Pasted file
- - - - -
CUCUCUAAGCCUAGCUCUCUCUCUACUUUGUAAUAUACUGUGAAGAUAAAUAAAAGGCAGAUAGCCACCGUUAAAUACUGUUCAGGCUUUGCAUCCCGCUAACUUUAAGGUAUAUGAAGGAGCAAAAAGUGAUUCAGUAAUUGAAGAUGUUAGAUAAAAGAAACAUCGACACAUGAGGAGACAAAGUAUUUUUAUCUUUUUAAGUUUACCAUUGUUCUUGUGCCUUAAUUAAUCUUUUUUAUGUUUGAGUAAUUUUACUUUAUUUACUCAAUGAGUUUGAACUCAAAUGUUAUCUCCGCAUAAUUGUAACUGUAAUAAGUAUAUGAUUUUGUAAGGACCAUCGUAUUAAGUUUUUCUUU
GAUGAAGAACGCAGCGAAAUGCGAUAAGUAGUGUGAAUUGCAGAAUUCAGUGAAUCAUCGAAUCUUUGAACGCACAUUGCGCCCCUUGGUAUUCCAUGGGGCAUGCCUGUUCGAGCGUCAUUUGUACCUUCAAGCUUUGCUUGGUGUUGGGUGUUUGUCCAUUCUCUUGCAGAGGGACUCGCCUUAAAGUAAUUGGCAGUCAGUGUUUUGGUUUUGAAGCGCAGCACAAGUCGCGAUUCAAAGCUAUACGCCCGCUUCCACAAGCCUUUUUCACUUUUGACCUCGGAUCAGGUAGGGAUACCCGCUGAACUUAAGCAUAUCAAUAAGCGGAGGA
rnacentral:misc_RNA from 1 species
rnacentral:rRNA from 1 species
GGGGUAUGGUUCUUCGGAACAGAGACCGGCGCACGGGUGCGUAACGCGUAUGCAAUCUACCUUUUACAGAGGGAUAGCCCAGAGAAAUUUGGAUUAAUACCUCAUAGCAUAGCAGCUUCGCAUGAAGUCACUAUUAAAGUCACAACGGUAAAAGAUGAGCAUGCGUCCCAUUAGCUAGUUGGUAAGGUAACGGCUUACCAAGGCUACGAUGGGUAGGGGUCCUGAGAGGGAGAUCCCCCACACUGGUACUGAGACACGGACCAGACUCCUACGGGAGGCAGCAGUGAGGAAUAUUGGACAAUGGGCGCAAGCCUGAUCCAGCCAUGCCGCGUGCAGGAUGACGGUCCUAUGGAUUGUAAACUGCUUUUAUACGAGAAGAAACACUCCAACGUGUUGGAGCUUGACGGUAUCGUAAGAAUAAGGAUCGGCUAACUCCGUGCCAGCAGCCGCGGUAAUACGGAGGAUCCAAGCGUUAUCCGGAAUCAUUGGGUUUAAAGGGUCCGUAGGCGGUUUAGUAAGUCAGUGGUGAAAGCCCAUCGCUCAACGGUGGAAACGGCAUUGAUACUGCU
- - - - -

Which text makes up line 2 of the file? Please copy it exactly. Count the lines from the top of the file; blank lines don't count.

GAUGAAGAACGCAGCGAAAUGCGAUAAGUAGUGUGAAUUGCAGAAUUCAGUGAAUCAUCGAAUCUUUGAACGCACAUUGCGCCCCUUGGUAUUCCAUGGGGCAUGCCUGUUCGAGCGUCAUUUGUACCUUCAAGCUUUGCUUGGUGUUGGGUGUUUGUCCAUUCUCUUGCAGAGGGACUCGCCUUAAAGUAAUUGGCAGUCAGUGUUUUGGUUUUGAAGCGCAGCACAAGUCGCGAUUCAAAGCUAUACGCCCGCUUCCACAAGCCUUUUUCACUUUUGACCUCGGAUCAGGUAGGGAUACCCGCUGAACUUAAGCAUAUCAAUAAGCGGAGGA